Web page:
Ann Morrison, DePuy, Food & Drug Administration, Hip Replacement, Hospital for Special Surgery, Johnson & Johnson, Medical device, New York TImes
Complaints Surge About Crumbling Artificial Hips
on August 23, 2011 Source: fairwarning.org
As researchers scramble to assess the health dangers of flawed artificial hips, the federal government has received a flood of new complaints about the devices.
An analysis by The New York Times reveals that the Food and Drug Administration has been deluged with more than 5,000 reports since January about several types of so-called metal-on-metal hips. That is more than the overall complaint total for artificial hips for the previous four years. Most are from patients who either had, or will have, the devices removed because they failed long before their expected duration of at least 15 years.
The growing number of complaints raises the likelihood that all-metal replacement hips will become the most expensive medical implant problem in several years, the biggest since the 2007 Medtronic recall of a widely used heart device.
The hip implants, which have an artificial ball and cup both made of metal, tend to shed tiny particles of cobalt and chromium as they wear, causing crippling pain in some patients. Researchers still are struggling to understand the tissue damage caused by the debris.
Hip replacement is one of the most common medical procedures in the U.S. and, according to one estimate, roughly 500,000 patients have the all-metal implants. Amid the mounting complaints, however, most surgeons have switched to replacements that combine metal and plastic components.
“It is like playing Russian roulette,” said Dr. Geoffrey H. Westrich, an orthopedic surgeon at the Hospital for Special Surgery in New York, who no longer uses all-metal implants.
One of the most troubling devices has been the A.S.R., or Articular Surface Replacement. Recalled last year by Johnson & Johnson, it accounted for 75 percent of the complaints reviewed by the Times.
Under FDA rules, many all-metal devices were sold without testing on patients or a means of tracking their performance. In May the FDA took the unusual step of ordering producers to study the devices’ failure rate and health risks, but the companies have faced obstacles in conducting sound studies.
For many patients, any changes will come too late. In 2008, Ann Morrison, a 50-year-old physical therapist from Newark, Del., received all-metal replacements for both of her hips and soon experienced pain, rashes and inflammation.
Morrison had the devices replaced last year, but by then the metal debris had caused so much tissue damage that she now needs a brace to walk. She called the FDA’s order for medical studies a “joke.”
“We will be the little crash test dummies here until they figure out the health ramifications for us down the road,” said Morrison, who has sued the DePuy division of Johnson & Johnson, the manufacturer.
Scientists Urge Scrapping FDA System for Screening Medical Devices
Safety Problems Spur Order for Follow-Up Studies on Artificial Hips
Posted in Medical Errors, News & Notes, Product Hazards and Recalls
- Hip Implant Complaints Surge, Even as the Dangers Are Studied (earlsview.com)
- Hip Implant Complaints Surge, Even as the Dangers Are Studied (nytimes.com)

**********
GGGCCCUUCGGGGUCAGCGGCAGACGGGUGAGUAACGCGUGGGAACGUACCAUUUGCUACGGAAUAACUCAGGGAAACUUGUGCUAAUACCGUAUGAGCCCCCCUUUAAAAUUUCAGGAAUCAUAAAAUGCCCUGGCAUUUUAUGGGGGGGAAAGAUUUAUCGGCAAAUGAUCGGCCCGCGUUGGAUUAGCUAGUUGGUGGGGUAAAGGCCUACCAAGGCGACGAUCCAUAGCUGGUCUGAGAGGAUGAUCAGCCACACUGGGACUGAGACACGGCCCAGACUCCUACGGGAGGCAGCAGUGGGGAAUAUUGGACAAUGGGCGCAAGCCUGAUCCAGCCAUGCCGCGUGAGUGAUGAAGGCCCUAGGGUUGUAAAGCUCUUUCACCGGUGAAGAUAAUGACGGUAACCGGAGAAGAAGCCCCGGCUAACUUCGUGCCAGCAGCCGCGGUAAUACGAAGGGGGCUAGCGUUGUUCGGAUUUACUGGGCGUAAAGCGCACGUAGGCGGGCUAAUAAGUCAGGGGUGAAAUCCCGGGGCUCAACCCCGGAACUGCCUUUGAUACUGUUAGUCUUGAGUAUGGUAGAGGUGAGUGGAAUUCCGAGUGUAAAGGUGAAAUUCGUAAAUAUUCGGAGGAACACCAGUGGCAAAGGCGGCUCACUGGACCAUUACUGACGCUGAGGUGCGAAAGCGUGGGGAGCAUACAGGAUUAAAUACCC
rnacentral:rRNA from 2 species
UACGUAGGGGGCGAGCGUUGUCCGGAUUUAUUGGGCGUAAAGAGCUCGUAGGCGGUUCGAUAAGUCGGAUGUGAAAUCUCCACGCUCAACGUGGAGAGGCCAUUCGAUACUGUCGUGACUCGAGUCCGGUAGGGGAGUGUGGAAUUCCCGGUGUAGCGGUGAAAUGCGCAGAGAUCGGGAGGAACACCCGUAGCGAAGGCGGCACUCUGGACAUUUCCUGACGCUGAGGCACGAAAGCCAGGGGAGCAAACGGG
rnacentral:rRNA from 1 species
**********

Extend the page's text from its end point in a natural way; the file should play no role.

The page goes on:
- Reuters-INSIGHT-DePuy’s handling of hip recall sparks questions (earlsview.com)
- UK – Answers to commonly asked questions from patients with metal-on-metal hip replacements / resurfacings (earlsview.com)
- Barry Meier – Study Faults Approval Process for Medical Devices (earlsview.com)
- ‘Metal on metal’ hip implants leave some recipients in pain, at risk (earlsview.com)
- Medical Devices – Balancing Regulation and Innovation (earlsview.com)
Howard Sadwin said:
Ann, is absolutely right the FDA is a bad joke being directed by the medical device world.any of their new innovative new rules,regulations, etc. appear to add more patch work to an old leaking roof. There appears to be more concern on adding more groups to watch over these new groups and more groups to make sure the other groups no where to go to work on these new ideas. Old roofs need to be replaced,not constantly repaired, if you don’t replace the roof, chances are you will have mold issues. The FDA is beyond mold issues. Get rid of the way too many groups, make discloure laws that tough, impose stiff fines, maybe even shelf products, or take a doctors hospital rights taken away. Break the law, you pay. Modify a data system, device already has an ID #, so patients with these devices can be tracted when they have follow-up visits with doctors .This information goes into a data system developed and paid for by the medical device manufacturers, controlled by the government. More common sense,logic less B.S.
Where is the concern for me,Ann others who are suffering due to inadequacy in this system.
Where is the research data these manufacturers were to disclose addressing these issues? It appears there is more research on having new devices approved rather than taking care of existing issues.
Does the FDA think we are not going to read through these shenanigans? I would like one of the decision makers of medical devices explain to all of us what they are doing, and do they even no.
They need to listen and see Ann, me and others so they can hear our thoughts and they can ask face to face how it feels to lose the quality of our lives.
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